Monday, December 30, 2013

Last but not least

And while some of you are probably still looking for recipes for New Year’s Day ham or small desserts and canapés for your New Year’s Eve party, I already know exactly what I’m making.

At last, and perhaps for the first time ever, I have come up and finalized a menu, unlike previous years when I always waited for the last minute to make my mind up about what to cook.

On New Year’s Eve, I’m making braised quails with chestnuts and fresh sage (for those of you who don’t know me well, I should tell you chestnuts are my favorite nut, even when it’s not the holiday season), and on New Year’s day, I’m making oven roasted pork shoulder with juniper berries and wild mushrooms.

Unfortunately I don’t have photographs or recipes to share as I haven’t cooked these dishes yet, but what I can’t wait to share with you is this chicken dish with saffron, shallots, lemon and Jerusalem artichokes (that are neither an artichoke nor from Jerusalem but are a sweet- and earthy-tasting tuber).

I have made this two-three times before, with the last one being for a festive dinner, and it was greeted with enthusiasm. I personally find it extremely tasty with a combination of flavors that is quite interesting.

You start by boiling the Jerusalem artichokes in water until tender, then add all the ingredients in a large bowl, give them a good toss and you leave the chicken to marinate overnight or at least for a few hours.

The following day, you empty everything into a large baking pan and place it in the oven to cook. Your house fills with intoxicating aromas and after a little less than an hour, out comes a golden-hued dish full of delicious flavors.

The slightly metallic notes of saffron, the sweet shallots without that audacious oniony bite, the caramelized sharpness and sourness of the lemon, the liquorice-y nuances of the tarragon, the sweet, buttery Jerusalem artichokes soaking up all the lovely juices from the sumptuous, well-cooked chicken, they all conspire to create a dish that is absolutely stunning.

I wish you all a happy, healthy New Year filled with love, patience, perseverance and lots of laughter! Have a great time wherever you are and whatever you do!

Marinated Roast Chicken with Saffron, Shallots, Lemon and Jerusalem Artichokes
Slightly adapted from Jerusalem by Yotam Ottolenghi and Sami Tamimi

Jerusalem artichokes also go by the name sunchokes. For those of you reading from Holland, they are called aardperen (singular: aardpeer).
If you can’t find them you can substitute with small round potatoes.

We usually have this with a green leaf salad but you can also serve it with a simple steamed/boiled rice, preferably an aromatic basmati.

I used a mandoline to thinly slice the lemon. Use it if you have one, otherwise a very sharp knife will do an equally good job.

Yield: 2-4 main-course servings

600 g Jerusalem artichokes (400-500 g peeled), peeled and cut into wedges about 1.5 cm thick
1 Tbsp lemon juice
1 chicken, about 1,200 g, cut into 6-8 pieces*
7-8 banana shallots, peeled and halved lengthwise
8 large garlic cloves, peeled and sliced
1 small lemon, sliced very thinly lengthwise
1 good pinch of saffron threads
60-70 ml (4-5 Tbsp) olive oil
130 ml cold water
3-4 fresh thyme sprigs, leaves picked
3-4 fresh tarragon sprigs, leaves picked, plus extra for garnishing
Freshly ground black pepper

*I always cut the chicken into six pieces; legs, wings and breasts. You can also cut it into eight pieces, separating the legs into thighs and drumsticks, but I prefer not to because they remain juicier.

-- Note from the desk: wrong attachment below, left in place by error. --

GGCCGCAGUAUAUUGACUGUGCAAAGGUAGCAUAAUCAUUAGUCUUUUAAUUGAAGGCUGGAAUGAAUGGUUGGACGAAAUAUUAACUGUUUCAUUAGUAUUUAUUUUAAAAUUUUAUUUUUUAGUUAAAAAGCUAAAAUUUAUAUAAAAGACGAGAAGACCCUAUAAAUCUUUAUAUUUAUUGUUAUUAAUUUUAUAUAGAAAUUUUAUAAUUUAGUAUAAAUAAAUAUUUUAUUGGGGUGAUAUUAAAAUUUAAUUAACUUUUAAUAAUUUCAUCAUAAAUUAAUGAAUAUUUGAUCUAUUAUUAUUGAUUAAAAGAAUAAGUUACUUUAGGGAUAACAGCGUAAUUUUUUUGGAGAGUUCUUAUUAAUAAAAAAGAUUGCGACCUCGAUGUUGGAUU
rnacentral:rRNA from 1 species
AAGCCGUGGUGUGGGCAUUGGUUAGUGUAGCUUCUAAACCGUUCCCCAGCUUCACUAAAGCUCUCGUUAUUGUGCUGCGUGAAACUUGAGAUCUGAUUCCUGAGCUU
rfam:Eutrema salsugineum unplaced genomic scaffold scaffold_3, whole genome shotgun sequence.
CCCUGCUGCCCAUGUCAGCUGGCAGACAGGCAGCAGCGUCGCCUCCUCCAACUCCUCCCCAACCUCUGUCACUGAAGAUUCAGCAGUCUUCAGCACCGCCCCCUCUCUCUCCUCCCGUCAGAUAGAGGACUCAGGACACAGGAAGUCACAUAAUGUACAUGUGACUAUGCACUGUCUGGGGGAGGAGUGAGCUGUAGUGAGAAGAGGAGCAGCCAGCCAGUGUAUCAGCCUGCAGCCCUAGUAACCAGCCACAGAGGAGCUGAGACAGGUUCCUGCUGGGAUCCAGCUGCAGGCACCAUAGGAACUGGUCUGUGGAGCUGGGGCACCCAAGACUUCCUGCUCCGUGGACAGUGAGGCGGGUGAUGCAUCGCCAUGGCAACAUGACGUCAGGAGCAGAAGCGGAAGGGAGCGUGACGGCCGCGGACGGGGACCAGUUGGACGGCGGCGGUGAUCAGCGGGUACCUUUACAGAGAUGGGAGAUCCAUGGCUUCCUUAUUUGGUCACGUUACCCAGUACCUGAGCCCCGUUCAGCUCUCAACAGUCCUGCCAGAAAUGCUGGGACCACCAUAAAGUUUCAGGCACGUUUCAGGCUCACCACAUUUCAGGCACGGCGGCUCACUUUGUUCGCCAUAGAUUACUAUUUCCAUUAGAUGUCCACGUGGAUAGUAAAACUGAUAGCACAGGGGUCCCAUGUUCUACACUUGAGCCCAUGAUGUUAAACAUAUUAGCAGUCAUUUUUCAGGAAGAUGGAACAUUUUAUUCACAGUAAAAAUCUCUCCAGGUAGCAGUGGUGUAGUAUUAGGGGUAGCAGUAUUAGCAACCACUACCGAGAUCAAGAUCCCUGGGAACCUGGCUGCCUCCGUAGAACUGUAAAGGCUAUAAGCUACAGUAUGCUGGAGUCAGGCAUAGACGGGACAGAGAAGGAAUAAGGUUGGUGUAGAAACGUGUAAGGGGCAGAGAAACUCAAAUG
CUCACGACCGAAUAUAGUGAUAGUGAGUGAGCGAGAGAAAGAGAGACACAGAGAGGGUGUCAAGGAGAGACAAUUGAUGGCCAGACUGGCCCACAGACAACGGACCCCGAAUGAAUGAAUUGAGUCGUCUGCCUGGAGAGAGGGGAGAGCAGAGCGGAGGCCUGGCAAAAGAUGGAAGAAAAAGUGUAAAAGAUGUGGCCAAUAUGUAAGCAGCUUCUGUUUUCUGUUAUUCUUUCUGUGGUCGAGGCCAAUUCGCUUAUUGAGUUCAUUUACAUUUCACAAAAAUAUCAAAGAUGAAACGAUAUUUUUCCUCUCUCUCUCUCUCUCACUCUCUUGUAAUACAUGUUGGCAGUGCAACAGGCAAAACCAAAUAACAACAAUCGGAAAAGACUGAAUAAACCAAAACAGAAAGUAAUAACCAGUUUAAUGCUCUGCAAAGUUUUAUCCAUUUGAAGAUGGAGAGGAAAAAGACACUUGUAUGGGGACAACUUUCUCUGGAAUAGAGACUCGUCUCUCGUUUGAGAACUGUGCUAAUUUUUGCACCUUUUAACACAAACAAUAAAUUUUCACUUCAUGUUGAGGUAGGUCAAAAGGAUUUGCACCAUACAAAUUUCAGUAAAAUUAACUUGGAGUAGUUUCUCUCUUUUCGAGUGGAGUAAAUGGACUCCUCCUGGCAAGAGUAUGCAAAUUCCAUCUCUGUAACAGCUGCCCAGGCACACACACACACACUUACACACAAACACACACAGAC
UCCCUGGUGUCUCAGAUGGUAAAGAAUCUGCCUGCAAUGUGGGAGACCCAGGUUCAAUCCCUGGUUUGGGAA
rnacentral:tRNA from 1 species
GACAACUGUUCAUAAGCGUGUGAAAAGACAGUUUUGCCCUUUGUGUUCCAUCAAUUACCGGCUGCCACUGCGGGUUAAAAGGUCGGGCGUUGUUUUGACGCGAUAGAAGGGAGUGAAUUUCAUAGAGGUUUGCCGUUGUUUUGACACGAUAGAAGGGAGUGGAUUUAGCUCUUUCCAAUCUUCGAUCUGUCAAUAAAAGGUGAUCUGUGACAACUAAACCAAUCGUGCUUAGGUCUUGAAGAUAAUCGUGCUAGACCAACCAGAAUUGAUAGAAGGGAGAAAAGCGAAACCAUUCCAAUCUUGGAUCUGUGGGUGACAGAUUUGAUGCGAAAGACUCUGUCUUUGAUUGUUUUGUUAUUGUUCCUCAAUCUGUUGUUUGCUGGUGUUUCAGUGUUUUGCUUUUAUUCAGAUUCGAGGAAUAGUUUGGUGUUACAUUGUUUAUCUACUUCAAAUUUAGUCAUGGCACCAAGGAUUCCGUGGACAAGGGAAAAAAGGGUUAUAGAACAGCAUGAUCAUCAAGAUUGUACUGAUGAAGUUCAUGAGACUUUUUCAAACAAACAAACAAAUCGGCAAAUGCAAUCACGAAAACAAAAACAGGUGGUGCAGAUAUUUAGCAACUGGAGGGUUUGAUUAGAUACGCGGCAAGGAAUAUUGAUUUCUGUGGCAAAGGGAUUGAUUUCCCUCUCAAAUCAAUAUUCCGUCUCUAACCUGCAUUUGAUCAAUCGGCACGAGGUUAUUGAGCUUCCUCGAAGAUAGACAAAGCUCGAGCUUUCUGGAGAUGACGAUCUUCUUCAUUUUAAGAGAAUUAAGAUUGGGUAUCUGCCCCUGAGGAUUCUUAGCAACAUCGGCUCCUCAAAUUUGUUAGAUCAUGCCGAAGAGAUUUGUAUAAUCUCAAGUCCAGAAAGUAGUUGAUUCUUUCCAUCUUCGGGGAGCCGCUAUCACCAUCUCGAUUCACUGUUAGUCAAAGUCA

Special equipment: colander, large barking tray, plastic wrap or plastic bag appropriate for storing food

In a medium-sized pan, add the peeled and cut Jerusalem artichokes along with the lemon juice and cover them with water. Bring to the boil over medium-high heat and then reduce heat to low and simmer for about 10 minutes or until the Jerusalem artichokes are tender but not soft because they will continue cooking with the chicken in the oven. Drain in a colander and leave to cool completely.

In a large bowl, add the Jerusalem artichokes, chicken pieces, shallots, garlic and lemon slices, saffron, olive oil, water, thyme and tarragon leaves, salt and pepper. Mix well and cover the bowl with plastic wrap or alternatively, place all the ingredients in a plastic bag suitable for storing food and seal it. Leave to marinate in the refrigerator overnight or for at least 2 hours.

Take it out of the fridge 20 minutes before you put it in the oven, to allow it to come to room temperature.

Preheat your oven to 200 degrees Celsius / 390 Fahrenheit.
Place the marinated chicken, skin-side up, in a roasting tray large enough to fit all the pieces in one layer, and arrange the rest of the ingredients between the chicken pieces. Drizzle the juices on top.

Place the pan on the middle rack of the oven and roast the chicken for about 50 minutes, until it takes on a golden brown color and the skin becomes crispy and caramelized. Also, if you insert a knife or skewer in the thickest part of the chicken pieces, the juices should run clear and not be reddish in color. Don't cook for longer because the chicken will dry out and become tough.

Serve in dishes, sprinkled with some chopped fresh tarragon leaves.


  1. This year all I'm making is a lime and greek-yoghurt mousse and also caramelized nuts: I'm spending NYE at mu aunt's house, so there's little cooking left for me :)
    Happy 2014 Magda and I'm very happy to have found your blog, it's such an inspiration...

    1. Thank you for your sweet wishes. :) Happy 2014!!

  2. Oh, my - this sounds like the perfect winter dish. I just saw Jerusalem artichokes at the market, and Mark is in a "chicken" mode these days... I will let you know how it comes out. Hope you are not still awake and that your New Year is starting with a restful sleep... xox